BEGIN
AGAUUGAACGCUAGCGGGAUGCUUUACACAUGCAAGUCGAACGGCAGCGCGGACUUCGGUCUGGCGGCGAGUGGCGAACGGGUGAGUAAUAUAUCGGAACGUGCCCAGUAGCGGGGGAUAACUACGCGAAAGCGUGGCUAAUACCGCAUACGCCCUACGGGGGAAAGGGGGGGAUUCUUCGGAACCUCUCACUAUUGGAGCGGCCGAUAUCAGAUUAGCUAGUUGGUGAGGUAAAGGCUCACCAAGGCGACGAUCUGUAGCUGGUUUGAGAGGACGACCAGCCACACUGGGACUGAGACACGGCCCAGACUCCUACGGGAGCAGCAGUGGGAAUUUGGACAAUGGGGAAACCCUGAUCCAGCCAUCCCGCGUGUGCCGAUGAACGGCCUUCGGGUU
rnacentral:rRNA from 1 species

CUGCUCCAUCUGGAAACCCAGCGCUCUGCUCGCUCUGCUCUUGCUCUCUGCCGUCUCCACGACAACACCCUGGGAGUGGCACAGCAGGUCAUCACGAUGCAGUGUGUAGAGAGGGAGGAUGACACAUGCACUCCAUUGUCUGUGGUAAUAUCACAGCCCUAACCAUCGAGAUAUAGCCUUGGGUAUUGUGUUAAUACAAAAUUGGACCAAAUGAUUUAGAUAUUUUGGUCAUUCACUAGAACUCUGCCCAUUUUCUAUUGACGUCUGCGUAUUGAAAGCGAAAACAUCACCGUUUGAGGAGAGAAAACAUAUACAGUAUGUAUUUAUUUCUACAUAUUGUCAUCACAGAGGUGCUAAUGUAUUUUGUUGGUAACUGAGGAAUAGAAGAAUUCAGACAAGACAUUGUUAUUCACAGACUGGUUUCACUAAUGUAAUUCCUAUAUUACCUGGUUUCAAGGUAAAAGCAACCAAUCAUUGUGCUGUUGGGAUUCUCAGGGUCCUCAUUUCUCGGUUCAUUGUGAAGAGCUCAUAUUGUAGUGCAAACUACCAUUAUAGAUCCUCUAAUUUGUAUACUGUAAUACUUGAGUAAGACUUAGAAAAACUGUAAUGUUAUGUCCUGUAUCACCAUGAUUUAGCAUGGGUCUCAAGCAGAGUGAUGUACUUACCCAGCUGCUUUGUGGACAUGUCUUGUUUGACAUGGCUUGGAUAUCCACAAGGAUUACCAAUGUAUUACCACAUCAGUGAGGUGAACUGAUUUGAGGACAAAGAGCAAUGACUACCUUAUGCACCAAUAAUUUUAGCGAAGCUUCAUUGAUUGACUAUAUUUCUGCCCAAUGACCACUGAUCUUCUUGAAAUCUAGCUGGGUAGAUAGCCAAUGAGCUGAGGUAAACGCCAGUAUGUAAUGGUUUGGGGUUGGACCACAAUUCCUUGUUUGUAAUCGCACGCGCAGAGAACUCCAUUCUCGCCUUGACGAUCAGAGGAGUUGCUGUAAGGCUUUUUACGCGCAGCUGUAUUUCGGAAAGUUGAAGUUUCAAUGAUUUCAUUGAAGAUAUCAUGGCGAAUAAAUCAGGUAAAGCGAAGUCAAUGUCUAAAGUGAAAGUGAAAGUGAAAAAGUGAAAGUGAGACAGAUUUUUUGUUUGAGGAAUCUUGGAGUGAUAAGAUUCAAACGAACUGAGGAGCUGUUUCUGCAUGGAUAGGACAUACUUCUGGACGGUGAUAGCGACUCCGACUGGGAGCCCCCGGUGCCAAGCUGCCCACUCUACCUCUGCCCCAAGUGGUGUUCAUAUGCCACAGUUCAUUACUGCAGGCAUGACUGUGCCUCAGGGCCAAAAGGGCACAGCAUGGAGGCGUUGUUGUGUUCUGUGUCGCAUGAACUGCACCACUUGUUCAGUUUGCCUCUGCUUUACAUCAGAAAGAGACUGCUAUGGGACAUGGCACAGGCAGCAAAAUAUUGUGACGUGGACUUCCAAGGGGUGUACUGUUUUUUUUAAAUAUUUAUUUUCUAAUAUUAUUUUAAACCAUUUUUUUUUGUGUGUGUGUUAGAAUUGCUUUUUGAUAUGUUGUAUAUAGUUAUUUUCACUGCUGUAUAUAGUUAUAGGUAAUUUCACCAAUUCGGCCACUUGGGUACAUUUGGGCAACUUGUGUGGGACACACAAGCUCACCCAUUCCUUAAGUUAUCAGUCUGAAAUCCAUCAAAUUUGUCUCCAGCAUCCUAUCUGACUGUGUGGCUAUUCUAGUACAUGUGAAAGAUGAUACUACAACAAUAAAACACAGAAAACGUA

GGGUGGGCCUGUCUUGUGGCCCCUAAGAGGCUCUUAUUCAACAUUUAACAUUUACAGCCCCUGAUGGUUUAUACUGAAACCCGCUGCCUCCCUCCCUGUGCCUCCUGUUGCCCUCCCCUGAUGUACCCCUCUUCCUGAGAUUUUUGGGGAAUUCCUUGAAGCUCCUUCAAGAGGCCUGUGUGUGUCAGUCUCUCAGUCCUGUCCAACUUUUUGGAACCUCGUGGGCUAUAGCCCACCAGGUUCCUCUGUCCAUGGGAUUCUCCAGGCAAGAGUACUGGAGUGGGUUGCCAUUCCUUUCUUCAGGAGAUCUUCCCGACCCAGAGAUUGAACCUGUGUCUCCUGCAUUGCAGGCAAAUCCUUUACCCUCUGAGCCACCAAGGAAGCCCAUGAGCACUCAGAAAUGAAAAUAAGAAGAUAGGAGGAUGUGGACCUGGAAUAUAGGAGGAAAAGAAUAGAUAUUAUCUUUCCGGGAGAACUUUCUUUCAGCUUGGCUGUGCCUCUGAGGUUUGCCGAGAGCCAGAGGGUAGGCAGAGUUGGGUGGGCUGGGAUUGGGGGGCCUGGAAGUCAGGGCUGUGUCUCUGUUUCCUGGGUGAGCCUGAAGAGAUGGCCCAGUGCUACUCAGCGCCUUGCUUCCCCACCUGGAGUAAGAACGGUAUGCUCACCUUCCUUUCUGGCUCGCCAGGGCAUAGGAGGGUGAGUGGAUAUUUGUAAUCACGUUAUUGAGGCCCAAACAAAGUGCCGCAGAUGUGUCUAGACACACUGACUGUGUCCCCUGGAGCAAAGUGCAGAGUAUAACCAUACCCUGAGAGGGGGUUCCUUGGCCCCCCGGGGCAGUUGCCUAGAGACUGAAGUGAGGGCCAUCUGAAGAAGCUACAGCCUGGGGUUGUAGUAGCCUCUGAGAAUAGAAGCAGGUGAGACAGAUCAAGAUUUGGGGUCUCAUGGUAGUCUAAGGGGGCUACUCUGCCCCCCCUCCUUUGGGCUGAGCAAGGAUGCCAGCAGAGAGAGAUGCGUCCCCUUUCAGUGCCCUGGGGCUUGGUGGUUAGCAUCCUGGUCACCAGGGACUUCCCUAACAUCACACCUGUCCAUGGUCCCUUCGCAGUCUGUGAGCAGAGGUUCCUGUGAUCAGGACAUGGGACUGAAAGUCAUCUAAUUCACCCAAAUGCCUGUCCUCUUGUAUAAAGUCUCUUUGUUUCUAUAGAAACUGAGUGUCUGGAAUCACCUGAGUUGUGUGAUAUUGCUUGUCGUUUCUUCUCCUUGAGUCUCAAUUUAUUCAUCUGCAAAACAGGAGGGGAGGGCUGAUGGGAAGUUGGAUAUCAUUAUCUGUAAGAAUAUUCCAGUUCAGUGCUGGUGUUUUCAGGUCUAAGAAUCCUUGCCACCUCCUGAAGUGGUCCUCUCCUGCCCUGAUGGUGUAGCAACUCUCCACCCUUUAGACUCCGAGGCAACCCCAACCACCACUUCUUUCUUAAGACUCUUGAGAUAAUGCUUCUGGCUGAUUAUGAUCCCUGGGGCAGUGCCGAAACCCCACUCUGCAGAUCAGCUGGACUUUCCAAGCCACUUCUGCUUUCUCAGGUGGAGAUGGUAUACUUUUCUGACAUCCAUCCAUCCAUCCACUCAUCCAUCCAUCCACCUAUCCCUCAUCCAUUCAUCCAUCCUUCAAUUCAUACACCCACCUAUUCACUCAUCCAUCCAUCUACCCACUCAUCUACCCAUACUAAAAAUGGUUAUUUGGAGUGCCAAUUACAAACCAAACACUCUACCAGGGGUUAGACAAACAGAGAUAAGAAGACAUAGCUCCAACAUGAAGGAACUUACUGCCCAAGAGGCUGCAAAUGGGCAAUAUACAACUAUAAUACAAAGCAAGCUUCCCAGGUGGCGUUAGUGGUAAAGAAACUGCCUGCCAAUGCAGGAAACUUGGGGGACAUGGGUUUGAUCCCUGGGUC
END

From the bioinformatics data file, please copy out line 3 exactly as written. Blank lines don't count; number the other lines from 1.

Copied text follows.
CUGCUCCAUCUGGAAACCCAGCGCUCUGCUCGCUCUGCUCUUGCUCUCUGCCGUCUCCACGACAACACCCUGGGAGUGGCACAGCAGGUCAUCACGAUGCAGUGUGUAGAGAGGGAGGAUGACACAUGCACUCCAUUGUCUGUGGUAAUAUCACAGCCCUAACCAUCGAGAUAUAGCCUUGGGUAUUGUGUUAAUACAAAAUUGGACCAAAUGAUUUAGAUAUUUUGGUCAUUCACUAGAACUCUGCCCAUUUUCUAUUGACGUCUGCGUAUUGAAAGCGAAAACAUCACCGUUUGAGGAGAGAAAACAUAUACAGUAUGUAUUUAUUUCUACAUAUUGUCAUCACAGAGGUGCUAAUGUAUUUUGUUGGUAACUGAGGAAUAGAAGAAUUCAGACAAGACAUUGUUAUUCACAGACUGGUUUCACUAAUGUAAUUCCUAUAUUACCUGGUUUCAAGGUAAAAGCAACCAAUCAUUGUGCUGUUGGGAUUCUCAGGGUCCUCAUUUCUCGGUUCAUUGUGAAGAGCUCAUAUUGUAGUGCAAACUACCAUUAUAGAUCCUCUAAUUUGUAUACUGUAAUACUUGAGUAAGACUUAGAAAAACUGUAAUGUUAUGUCCUGUAUCACCAUGAUUUAGCAUGGGUCUCAAGCAGAGUGAUGUACUUACCCAGCUGCUUUGUGGACAUGUCUUGUUUGACAUGGCUUGGAUAUCCACAAGGAUUACCAAUGUAUUACCACAUCAGUGAGGUGAACUGAUUUGAGGACAAAGAGCAAUGACUACCUUAUGCACCAAUAAUUUUAGCGAAGCUUCAUUGAUUGACUAUAUUUCUGCCCAAUGACCACUGAUCUUCUUGAAAUCUAGCUGGGUAGAUAGCCAAUGAGCUGAGGUAAACGCCAGUAUGUAAUGGUUUGGGGUUGGACCACAAUUCCUUGUUUGUAAUCGCACGCGCAGAGAACUCCAUUCUCGCCUUGACGAUCAGAGGAGUUGCUGUAAGGCUUUUUACGCGCAGCUGUAUUUCGGAAAGUUGAAGUUUCAAUGAUUUCAUUGAAGAUAUCAUGGCGAAUAAAUCAGGUAAAGCGAAGUCAAUGUCUAAAGUGAAAGUGAAAGUGAAAAAGUGAAAGUGAGACAGAUUUUUUGUUUGAGGAAUCUUGGAGUGAUAAGAUUCAAACGAACUGAGGAGCUGUUUCUGCAUGGAUAGGACAUACUUCUGGACGGUGAUAGCGACUCCGACUGGGAGCCCCCGGUGCCAAGCUGCCCACUCUACCUCUGCCCCAAGUGGUGUUCAUAUGCCACAGUUCAUUACUGCAGGCAUGACUGUGCCUCAGGGCCAAAAGGGCACAGCAUGGAGGCGUUGUUGUGUUCUGUGUCGCAUGAACUGCACCACUUGUUCAGUUUGCCUCUGCUUUACAUCAGAAAGAGACUGCUAUGGGACAUGGCACAGGCAGCAAAAUAUUGUGACGUGGACUUCCAAGGGGUGUACUGUUUUUUUUAAAUAUUUAUUUUCUAAUAUUAUUUUAAACCAUUUUUUUUUGUGUGUGUGUUAGAAUUGCUUUUUGAUAUGUUGUAUAUAGUUAUUUUCACUGCUGUAUAUAGUUAUAGGUAAUUUCACCAAUUCGGCCACUUGGGUACAUUUGGGCAACUUGUGUGGGACACACAAGCUCACCCAUUCCUUAAGUUAUCAGUCUGAAAUCCAUCAAAUUUGUCUCCAGCAUCCUAUCUGACUGUGUGGCUAUUCUAGUACAUGUGAAAGAUGAUACUACAACAAUAAAACACAGAAAACGUA